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I have to change the dranage under my sink the pipe is in the way for some kitchen appliances.

I can't find any pipes that would work for me, so i consider doing a fix using tubes.

My plan is to the bend of an existing pipe and replace it with a tube that fits on the outside of the tubes and keep it in place with a hose clamp. This would allow me to move the tube so it's not in the way. Would this work? What kind of tube should I use and is there anything else I should think about?

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  • Making the drain assembly flexible so that it can be moved around will most likely interfere with proper operation of the P-trap that keeps sewer gas from coming up into your sink and kitchen.
    – Michael Karas
    Jan 24 '16 at 21:38
  • Knowing where you are in the world will allow feedback on compliance with local building codes as well. (Whether or not that matters to you, it is useful to include that information for those using this site as a reference)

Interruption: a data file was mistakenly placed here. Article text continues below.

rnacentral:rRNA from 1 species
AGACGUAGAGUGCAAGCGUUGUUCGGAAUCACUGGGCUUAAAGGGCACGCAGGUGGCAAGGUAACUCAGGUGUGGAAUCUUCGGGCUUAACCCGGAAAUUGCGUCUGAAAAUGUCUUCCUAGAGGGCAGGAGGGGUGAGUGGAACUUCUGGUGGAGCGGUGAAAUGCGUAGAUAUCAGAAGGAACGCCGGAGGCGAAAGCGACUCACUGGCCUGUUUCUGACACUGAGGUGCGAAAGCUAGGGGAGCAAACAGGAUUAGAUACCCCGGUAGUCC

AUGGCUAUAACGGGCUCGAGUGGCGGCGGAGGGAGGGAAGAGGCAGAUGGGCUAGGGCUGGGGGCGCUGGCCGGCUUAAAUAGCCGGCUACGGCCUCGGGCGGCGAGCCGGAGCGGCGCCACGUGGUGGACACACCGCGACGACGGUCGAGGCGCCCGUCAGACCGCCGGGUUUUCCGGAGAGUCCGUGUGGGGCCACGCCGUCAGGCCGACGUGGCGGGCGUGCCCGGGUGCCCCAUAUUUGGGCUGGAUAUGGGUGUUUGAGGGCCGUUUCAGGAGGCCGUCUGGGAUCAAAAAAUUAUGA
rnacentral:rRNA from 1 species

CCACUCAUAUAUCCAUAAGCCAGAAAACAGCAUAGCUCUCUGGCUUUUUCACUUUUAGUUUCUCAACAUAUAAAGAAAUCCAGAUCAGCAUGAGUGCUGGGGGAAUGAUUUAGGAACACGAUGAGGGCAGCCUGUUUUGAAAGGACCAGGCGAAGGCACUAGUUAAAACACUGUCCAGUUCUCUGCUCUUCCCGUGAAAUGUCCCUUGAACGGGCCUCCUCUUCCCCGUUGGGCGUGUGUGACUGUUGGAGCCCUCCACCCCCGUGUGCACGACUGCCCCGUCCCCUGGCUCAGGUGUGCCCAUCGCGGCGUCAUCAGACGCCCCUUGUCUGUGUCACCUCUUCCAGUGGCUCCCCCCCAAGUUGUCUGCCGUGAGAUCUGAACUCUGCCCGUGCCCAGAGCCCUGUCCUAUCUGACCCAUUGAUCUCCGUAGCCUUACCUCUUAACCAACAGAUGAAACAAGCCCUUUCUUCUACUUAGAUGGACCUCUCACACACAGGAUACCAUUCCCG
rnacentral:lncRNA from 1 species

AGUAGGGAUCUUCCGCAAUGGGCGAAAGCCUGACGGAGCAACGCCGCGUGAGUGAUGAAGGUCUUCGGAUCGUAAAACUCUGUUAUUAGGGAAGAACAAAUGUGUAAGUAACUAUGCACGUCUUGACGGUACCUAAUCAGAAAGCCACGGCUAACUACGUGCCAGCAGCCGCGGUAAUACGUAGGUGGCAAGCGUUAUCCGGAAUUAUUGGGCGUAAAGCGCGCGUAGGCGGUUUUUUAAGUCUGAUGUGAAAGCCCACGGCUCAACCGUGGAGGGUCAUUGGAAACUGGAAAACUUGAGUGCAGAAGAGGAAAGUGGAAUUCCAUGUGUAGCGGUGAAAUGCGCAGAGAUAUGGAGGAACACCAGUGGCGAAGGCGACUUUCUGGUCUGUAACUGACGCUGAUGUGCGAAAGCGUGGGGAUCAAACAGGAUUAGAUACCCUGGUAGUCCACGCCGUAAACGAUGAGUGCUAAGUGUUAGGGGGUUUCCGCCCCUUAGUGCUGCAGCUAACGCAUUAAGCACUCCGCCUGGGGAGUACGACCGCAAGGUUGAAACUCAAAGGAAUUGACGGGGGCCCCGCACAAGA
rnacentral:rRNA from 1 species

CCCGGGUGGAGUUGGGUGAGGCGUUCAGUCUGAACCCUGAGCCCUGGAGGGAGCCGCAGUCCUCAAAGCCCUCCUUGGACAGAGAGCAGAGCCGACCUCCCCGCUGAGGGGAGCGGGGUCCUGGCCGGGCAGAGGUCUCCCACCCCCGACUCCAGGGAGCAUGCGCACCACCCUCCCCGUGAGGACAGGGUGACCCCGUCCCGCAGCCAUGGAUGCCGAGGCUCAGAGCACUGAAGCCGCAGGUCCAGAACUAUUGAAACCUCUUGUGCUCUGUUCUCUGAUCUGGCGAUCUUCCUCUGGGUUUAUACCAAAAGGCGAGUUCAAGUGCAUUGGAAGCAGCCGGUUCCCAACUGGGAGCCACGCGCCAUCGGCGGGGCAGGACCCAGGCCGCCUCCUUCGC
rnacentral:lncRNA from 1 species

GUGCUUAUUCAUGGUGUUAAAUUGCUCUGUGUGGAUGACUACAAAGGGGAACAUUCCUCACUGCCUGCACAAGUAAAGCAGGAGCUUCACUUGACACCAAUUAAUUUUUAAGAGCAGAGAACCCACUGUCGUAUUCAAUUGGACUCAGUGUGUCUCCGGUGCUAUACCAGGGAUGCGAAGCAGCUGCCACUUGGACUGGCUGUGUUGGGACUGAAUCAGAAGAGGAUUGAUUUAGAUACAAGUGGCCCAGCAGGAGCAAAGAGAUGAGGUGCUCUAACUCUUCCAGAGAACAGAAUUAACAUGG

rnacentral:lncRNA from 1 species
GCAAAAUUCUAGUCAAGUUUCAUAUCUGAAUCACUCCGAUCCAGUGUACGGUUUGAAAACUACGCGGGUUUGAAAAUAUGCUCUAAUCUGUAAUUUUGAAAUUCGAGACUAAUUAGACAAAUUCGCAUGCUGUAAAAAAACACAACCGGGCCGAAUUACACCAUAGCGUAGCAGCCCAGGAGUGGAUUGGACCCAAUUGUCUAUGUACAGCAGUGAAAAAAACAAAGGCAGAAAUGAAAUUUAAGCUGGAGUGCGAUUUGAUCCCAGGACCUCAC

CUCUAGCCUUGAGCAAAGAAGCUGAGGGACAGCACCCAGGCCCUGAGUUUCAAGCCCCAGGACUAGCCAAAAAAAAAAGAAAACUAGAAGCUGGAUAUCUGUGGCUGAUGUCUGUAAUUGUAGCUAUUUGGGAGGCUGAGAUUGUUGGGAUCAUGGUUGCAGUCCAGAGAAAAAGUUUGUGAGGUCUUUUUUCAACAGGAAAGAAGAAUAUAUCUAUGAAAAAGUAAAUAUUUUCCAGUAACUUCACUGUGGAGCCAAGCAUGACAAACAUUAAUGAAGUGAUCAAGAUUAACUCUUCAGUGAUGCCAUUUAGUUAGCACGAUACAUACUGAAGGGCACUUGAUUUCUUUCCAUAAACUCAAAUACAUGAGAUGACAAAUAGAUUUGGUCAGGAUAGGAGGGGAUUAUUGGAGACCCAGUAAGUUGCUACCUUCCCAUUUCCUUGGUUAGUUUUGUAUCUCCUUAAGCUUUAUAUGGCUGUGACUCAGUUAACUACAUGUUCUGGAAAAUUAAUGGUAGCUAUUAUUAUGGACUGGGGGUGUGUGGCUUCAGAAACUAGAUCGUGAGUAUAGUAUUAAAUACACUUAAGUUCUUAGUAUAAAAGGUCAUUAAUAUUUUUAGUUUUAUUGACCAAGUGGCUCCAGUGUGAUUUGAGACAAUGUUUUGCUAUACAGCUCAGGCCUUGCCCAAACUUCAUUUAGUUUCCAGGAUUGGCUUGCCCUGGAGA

– Tim B
    Jan 24 '16 at 23:25
  • Is this question different than your previous question?
    – Tester101
    Jan 25 '16 at 0:59
  • I'm in sweden. @Tester101, I felt my previous question was a bit specific and not very useful to other people. Maybe I should delete it? Jan 25 '16 at 13:09
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I don't know about Sweden, but here in central U.S. a kitchen sink will be 1 1/2" tube size. This is different than 1 1/2" DWV which is in the wall, but again I don't know how plumbing is run in Sweden. Cost wise, tubing is not much less than the tubing to run a trap, so I would honestly skip the tubing, and run hard pipe. It will be less apt to give to any expansion or contraction with temperature changes, and overall be more reliable in the long run.

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